RANBURNE — Months into a series of community meetings designed to teach leadership and project management to community leaders, the Ranburne Grassroots Initiative is without a project.
About a dozen residents and program partners attended a meeting Monday to discuss how to initiate a six-month project that will help the town.
In November, Ranburne became one of four participants in the Alabama Grassroots Initiative, a project through the Alabama Cooperative Extension System, Auburn University and several partner organizations across the state, that is designed to help the communities help themselves. The program uses community coaching, community meetings, visioning and action planning and leadership development to help the residents decide on a community development project and carry it out. The group is also eligible to apply for a $5,500 grant to help initiate that project.
The people at the meeting came from a diverse background — businessmen, a minister, the founder of a local charity and other concerned residents — but they all shared the desire to better their community.
Kevin Thomas, the minister of three Methodist churches in Ranburne, was one of the people who helped write Ranburne’s application for the program. He has been to all the meetings since the program kicked off in March. Thomas said he’s continued to come for one reason — hope.
“We have a wonderful community, but we need to make improvements,” he said.
Thomas is concerned about the poverty rate in the county, the town’s shrinking tax base and substandard housing. The county has a good school system, Thomas said. Despite that, the poverty rate in the county is too high, he said.
The group started the meeting focused on education and possibly partnering with the school system for a project. As the meeting progressed, though, it became clear that the thing the group most wanted for the town is new business.
Scott Hanson said he believes Ranburne is on the decline and if the town doesn’t do something different, it will continue to decline. Hanson has helped businesses grow in the United States and in India, he said. He wants to help the town he considers home grow.
“I can contribute my management skills,” Hanson said. “I can contribute my business skills.”
Although the group agreed on the town’s needs, ideas for a project it could do in six months that would be self-sustaining were elusive.
Ranburne Mayor Owen Lowery was adamant the town needed something to draw people, something like a restaurant. The group discussed creating a student-run restaurant that could give students training and provide a place for locals to gather. But the project seemed out of the $5,500 ballpark.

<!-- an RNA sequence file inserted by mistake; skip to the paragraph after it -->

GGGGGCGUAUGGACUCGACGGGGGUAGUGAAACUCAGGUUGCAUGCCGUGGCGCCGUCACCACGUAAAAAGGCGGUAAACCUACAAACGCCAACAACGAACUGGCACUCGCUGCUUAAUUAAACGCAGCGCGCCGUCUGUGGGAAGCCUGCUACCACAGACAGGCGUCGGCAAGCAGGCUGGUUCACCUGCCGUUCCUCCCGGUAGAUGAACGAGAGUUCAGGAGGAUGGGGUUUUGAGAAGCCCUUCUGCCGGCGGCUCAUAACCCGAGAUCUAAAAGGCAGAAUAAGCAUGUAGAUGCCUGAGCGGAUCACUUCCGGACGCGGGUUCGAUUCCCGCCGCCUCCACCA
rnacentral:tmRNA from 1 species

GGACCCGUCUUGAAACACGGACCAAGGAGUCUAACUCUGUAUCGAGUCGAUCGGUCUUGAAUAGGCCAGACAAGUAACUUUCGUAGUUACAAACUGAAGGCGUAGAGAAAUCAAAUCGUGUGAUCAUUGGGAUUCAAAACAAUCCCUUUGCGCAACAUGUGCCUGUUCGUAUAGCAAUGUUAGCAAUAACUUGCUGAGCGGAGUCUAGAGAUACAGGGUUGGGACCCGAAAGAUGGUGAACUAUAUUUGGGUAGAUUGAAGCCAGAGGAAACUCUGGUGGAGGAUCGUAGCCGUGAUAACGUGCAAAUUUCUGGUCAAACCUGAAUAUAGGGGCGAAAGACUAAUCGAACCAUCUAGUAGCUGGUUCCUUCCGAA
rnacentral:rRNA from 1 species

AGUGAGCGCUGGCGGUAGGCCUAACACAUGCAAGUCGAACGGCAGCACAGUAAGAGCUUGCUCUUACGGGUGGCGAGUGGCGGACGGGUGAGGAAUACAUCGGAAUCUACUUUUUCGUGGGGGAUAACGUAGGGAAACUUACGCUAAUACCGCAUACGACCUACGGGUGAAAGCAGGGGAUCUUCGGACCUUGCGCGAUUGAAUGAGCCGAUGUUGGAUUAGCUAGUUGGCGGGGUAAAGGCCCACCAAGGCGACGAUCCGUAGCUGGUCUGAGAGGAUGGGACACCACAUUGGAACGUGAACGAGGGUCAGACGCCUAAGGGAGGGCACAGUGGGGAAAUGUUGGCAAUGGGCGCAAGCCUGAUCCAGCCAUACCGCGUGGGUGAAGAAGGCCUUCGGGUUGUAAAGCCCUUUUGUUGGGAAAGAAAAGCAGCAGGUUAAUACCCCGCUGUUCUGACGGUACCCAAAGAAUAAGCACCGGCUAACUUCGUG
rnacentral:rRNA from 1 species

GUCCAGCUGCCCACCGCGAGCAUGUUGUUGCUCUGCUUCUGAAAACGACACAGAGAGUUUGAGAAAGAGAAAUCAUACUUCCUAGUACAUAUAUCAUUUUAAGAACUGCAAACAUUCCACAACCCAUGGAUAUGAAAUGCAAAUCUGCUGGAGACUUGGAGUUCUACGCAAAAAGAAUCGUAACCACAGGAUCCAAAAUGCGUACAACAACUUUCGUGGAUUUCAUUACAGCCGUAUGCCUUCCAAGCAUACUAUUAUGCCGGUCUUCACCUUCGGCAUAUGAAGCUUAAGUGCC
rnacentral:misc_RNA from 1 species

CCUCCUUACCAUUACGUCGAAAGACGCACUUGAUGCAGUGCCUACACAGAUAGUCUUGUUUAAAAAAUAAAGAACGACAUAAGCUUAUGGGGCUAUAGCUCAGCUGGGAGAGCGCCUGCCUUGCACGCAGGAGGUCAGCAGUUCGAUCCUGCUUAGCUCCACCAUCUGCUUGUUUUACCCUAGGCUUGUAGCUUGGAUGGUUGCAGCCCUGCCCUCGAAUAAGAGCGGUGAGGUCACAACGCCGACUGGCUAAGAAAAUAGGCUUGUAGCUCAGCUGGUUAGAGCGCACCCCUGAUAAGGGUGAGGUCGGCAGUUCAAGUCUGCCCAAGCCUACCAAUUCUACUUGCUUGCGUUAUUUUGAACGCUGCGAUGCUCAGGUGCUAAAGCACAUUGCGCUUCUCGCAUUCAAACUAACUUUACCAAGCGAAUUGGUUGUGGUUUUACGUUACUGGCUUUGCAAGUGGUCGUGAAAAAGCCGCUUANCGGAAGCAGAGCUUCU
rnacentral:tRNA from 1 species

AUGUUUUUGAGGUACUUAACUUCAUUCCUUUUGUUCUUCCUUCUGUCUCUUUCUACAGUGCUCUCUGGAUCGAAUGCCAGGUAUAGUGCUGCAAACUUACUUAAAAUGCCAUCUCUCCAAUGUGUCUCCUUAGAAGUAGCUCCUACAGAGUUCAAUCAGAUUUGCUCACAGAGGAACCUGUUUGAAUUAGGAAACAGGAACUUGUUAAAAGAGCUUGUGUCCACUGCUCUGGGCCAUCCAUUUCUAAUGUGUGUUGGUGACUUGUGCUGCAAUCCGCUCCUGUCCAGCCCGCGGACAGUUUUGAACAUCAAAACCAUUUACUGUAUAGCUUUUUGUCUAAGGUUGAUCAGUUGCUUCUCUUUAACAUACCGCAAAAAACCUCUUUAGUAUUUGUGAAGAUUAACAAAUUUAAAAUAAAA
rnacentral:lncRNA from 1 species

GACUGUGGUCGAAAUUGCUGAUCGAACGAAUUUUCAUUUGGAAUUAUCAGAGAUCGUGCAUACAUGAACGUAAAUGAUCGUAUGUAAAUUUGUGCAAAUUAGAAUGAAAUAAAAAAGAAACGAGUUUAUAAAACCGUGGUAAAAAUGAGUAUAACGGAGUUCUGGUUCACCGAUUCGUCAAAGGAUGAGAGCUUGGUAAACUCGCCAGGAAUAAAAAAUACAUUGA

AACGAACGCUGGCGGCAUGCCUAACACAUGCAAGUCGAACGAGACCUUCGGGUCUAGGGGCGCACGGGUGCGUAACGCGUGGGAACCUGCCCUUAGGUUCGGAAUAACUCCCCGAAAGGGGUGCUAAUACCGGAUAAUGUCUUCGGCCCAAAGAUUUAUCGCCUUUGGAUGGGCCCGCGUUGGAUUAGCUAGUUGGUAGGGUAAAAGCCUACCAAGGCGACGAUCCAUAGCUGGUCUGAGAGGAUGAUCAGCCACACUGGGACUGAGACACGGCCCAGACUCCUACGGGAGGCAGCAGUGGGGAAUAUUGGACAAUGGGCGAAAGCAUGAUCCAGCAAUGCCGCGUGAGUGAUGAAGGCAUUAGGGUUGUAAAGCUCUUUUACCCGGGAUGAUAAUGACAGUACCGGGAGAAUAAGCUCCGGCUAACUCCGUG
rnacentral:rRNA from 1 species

The group also discussed the possibility of adult education or partnering with the school system to teach culinary arts or soft skills such as showing up for work on time, communication and problem solving.
Hanson noted that in Auburn, there are multiple avenues for adults to further their education. However, Hanson also noted that providing adult education may not be a self-sustainable project.
Jennifer Maddox, president and chief executive officer of the Community Foundation of Northeast Alabama, one of the partners in the Alabama Grassroots Initiative, brought up the idea of a drive-in theater.
“Drive-in theaters are dwindling,” Maddox said.
That might be a project the group could pull off with the amount of money it has to spend and it could pull people into Ranburne, she said.
As the two-hour meeting drew to a close, the group still had no project in mind.
“This group needs to talk some more,” Maddox said.
Ephraim Stockdale, project manager from Alabama Power, another partner in the initiative, told the residents they need to decide what will bring people to town and entice them to spend money.
“When this is done, this somehow will need to generate revenue to make it self-sustaining,” Stockdale said.
The group scheduled another meeting for next Tuesday, when its members hope to narrow down their wishes for the community into a single project.